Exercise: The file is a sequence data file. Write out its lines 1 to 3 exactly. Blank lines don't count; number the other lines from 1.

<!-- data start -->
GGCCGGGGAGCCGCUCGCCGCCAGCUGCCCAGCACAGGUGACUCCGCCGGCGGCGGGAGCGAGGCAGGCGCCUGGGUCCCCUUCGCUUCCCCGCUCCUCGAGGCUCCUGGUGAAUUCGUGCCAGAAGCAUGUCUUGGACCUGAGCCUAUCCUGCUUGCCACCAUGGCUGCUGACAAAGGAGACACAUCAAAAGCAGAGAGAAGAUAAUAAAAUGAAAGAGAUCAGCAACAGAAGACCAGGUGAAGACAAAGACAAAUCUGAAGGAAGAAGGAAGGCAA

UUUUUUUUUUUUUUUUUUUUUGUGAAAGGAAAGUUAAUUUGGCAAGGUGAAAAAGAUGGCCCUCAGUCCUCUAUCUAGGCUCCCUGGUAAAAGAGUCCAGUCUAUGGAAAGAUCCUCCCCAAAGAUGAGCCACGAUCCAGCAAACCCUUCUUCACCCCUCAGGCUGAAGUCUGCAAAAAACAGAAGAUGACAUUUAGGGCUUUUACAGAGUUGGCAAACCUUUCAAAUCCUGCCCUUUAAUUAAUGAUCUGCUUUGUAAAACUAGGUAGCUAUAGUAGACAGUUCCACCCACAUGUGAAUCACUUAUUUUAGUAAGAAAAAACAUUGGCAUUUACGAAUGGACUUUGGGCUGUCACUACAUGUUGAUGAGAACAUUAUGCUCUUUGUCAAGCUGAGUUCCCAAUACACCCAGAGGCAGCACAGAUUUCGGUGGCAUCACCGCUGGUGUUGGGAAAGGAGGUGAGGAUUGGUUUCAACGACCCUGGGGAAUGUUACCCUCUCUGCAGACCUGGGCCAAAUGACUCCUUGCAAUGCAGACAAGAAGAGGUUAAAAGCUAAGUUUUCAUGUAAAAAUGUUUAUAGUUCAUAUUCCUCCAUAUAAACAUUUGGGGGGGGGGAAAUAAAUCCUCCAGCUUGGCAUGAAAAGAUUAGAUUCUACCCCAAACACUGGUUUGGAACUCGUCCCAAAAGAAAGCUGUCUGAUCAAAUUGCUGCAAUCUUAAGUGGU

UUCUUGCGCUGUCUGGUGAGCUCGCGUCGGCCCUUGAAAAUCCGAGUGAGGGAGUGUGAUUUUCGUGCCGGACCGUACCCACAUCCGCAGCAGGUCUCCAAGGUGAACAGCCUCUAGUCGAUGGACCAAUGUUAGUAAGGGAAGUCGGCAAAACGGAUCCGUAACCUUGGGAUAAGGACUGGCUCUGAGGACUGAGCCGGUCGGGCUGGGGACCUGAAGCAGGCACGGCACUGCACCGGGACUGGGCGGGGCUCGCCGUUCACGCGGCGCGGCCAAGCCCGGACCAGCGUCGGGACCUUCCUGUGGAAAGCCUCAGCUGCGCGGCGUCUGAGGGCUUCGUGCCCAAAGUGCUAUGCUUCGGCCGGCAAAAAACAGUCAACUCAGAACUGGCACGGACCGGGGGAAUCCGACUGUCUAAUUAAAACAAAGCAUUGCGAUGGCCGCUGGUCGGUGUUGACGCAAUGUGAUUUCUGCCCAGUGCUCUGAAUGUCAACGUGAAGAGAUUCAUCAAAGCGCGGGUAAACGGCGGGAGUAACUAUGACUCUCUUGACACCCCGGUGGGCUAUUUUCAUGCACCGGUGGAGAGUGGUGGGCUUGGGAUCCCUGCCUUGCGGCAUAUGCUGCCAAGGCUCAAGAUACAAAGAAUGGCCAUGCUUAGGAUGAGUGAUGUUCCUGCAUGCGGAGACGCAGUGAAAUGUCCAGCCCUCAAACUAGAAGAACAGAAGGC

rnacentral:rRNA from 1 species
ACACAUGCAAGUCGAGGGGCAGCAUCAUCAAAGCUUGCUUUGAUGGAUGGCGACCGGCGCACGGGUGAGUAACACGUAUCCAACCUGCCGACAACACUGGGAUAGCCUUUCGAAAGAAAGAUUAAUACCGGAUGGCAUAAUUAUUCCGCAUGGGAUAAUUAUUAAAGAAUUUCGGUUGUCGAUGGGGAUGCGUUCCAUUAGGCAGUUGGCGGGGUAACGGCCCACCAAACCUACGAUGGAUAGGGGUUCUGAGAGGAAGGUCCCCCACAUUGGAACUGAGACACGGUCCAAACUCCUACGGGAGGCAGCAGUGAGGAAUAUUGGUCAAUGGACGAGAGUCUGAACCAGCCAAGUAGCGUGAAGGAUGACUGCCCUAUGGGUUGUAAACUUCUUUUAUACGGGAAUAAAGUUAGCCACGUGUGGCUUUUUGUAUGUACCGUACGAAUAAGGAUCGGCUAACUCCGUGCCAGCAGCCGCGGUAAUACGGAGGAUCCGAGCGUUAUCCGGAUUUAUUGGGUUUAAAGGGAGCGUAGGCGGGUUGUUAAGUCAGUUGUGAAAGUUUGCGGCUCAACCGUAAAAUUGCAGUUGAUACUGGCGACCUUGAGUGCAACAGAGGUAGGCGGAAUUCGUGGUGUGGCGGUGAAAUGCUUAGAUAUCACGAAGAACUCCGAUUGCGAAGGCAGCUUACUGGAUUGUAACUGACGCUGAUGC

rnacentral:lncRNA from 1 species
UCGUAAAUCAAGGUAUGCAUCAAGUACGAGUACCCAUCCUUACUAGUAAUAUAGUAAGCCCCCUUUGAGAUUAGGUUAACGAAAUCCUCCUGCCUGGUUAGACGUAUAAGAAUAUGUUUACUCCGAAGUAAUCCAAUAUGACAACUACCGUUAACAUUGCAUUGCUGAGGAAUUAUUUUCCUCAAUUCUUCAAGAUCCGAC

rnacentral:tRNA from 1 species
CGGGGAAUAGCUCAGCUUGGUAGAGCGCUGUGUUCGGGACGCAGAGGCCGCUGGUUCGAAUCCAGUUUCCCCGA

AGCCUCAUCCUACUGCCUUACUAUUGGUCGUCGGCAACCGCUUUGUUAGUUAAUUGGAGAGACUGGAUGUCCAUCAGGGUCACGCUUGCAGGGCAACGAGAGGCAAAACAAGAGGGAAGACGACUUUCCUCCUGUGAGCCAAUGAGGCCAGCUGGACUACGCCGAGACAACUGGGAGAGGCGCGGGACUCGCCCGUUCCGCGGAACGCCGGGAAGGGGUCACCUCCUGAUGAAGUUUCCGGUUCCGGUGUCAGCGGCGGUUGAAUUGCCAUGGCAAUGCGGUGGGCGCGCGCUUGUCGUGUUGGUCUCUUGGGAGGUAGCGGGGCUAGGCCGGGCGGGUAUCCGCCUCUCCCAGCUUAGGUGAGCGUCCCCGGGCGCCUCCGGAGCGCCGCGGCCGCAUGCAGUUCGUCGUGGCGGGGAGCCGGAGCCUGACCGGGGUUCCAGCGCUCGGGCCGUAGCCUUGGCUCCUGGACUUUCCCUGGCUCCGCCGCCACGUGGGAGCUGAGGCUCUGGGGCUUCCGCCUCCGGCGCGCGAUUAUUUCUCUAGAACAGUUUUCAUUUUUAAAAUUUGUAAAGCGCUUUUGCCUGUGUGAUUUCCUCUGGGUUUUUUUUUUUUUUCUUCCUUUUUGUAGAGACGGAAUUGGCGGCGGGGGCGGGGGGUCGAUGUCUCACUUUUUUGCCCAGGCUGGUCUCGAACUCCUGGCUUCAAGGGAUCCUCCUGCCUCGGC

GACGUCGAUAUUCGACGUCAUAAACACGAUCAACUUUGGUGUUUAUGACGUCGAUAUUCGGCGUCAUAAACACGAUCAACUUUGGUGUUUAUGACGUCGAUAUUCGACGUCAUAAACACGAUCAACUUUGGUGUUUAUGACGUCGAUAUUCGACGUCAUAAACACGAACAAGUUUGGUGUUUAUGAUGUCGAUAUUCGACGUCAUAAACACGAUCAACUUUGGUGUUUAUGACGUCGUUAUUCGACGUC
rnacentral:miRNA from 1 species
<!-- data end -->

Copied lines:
GGCCGGGGAGCCGCUCGCCGCCAGCUGCCCAGCACAGGUGACUCCGCCGGCGGCGGGAGCGAGGCAGGCGCCUGGGUCCCCUUCGCUUCCCCGCUCCUCGAGGCUCCUGGUGAAUUCGUGCCAGAAGCAUGUCUUGGACCUGAGCCUAUCCUGCUUGCCACCAUGGCUGCUGACAAAGGAGACACAUCAAAAGCAGAGAGAAGAUAAUAAAAUGAAAGAGAUCAGCAACAGAAGACCAGGUGAAGACAAAGACAAAUCUGAAGGAAGAAGGAAGGCAA

UUUUUUUUUUUUUUUUUUUUUGUGAAAGGAAAGUUAAUUUGGCAAGGUGAAAAAGAUGGCCCUCAGUCCUCUAUCUAGGCUCCCUGGUAAAAGAGUCCAGUCUAUGGAAAGAUCCUCCCCAAAGAUGAGCCACGAUCCAGCAAACCCUUCUUCACCCCUCAGGCUGAAGUCUGCAAAAAACAGAAGAUGACAUUUAGGGCUUUUACAGAGUUGGCAAACCUUUCAAAUCCUGCCCUUUAAUUAAUGAUCUGCUUUGUAAAACUAGGUAGCUAUAGUAGACAGUUCCACCCACAUGUGAAUCACUUAUUUUAGUAAGAAAAAACAUUGGCAUUUACGAAUGGACUUUGGGCUGUCACUACAUGUUGAUGAGAACAUUAUGCUCUUUGUCAAGCUGAGUUCCCAAUACACCCAGAGGCAGCACAGAUUUCGGUGGCAUCACCGCUGGUGUUGGGAAAGGAGGUGAGGAUUGGUUUCAACGACCCUGGGGAAUGUUACCCUCUCUGCAGACCUGGGCCAAAUGACUCCUUGCAAUGCAGACAAGAAGAGGUUAAAAGCUAAGUUUUCAUGUAAAAAUGUUUAUAGUUCAUAUUCCUCCAUAUAAACAUUUGGGGGGGGGGAAAUAAAUCCUCCAGCUUGGCAUGAAAAGAUUAGAUUCUACCCCAAACACUGGUUUGGAACUCGUCCCAAAAGAAAGCUGUCUGAUCAAAUUGCUGCAAUCUUAAGUGGU

UUCUUGCGCUGUCUGGUGAGCUCGCGUCGGCCCUUGAAAAUCCGAGUGAGGGAGUGUGAUUUUCGUGCCGGACCGUACCCACAUCCGCAGCAGGUCUCCAAGGUGAACAGCCUCUAGUCGAUGGACCAAUGUUAGUAAGGGAAGUCGGCAAAACGGAUCCGUAACCUUGGGAUAAGGACUGGCUCUGAGGACUGAGCCGGUCGGGCUGGGGACCUGAAGCAGGCACGGCACUGCACCGGGACUGGGCGGGGCUCGCCGUUCACGCGGCGCGGCCAAGCCCGGACCAGCGUCGGGACCUUCCUGUGGAAAGCCUCAGCUGCGCGGCGUCUGAGGGCUUCGUGCCCAAAGUGCUAUGCUUCGGCCGGCAAAAAACAGUCAACUCAGAACUGGCACGGACCGGGGGAAUCCGACUGUCUAAUUAAAACAAAGCAUUGCGAUGGCCGCUGGUCGGUGUUGACGCAAUGUGAUUUCUGCCCAGUGCUCUGAAUGUCAACGUGAAGAGAUUCAUCAAAGCGCGGGUAAACGGCGGGAGUAACUAUGACUCUCUUGACACCCCGGUGGGCUAUUUUCAUGCACCGGUGGAGAGUGGUGGGCUUGGGAUCCCUGCCUUGCGGCAUAUGCUGCCAAGGCUCAAGAUACAAAGAAUGGCCAUGCUUAGGAUGAGUGAUGUUCCUGCAUGCGGAGACGCAGUGAAAUGUCCAGCCCUCAAACUAGAAGAACAGAAGGC